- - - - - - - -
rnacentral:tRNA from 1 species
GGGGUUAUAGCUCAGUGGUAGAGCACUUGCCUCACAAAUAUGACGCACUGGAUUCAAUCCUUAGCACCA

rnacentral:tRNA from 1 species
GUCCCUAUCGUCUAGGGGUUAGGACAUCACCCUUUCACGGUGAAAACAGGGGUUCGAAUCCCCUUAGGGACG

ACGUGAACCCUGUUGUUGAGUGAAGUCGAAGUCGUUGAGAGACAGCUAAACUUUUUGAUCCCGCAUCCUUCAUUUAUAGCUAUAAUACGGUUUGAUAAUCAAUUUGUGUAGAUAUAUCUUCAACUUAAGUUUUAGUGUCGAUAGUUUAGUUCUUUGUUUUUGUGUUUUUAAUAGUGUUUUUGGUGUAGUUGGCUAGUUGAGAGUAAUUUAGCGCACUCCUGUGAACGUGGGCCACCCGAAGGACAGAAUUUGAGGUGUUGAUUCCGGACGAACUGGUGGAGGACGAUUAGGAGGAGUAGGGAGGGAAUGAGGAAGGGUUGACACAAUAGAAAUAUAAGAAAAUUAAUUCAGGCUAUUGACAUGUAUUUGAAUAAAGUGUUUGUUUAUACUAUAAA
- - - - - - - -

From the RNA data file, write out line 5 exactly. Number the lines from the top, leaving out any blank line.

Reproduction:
ACGUGAACCCUGUUGUUGAGUGAAGUCGAAGUCGUUGAGAGACAGCUAAACUUUUUGAUCCCGCAUCCUUCAUUUAUAGCUAUAAUACGGUUUGAUAAUCAAUUUGUGUAGAUAUAUCUUCAACUUAAGUUUUAGUGUCGAUAGUUUAGUUCUUUGUUUUUGUGUUUUUAAUAGUGUUUUUGGUGUAGUUGGCUAGUUGAGAGUAAUUUAGCGCACUCCUGUGAACGUGGGCCACCCGAAGGACAGAAUUUGAGGUGUUGAUUCCGGACGAACUGGUGGAGGACGAUUAGGAGGAGUAGGGAGGGAAUGAGGAAGGGUUGACACAAUAGAAAUAUAAGAAAAUUAAUUCAGGCUAUUGACAUGUAUUUGAAUAAAGUGUUUGUUUAUACUAUAAA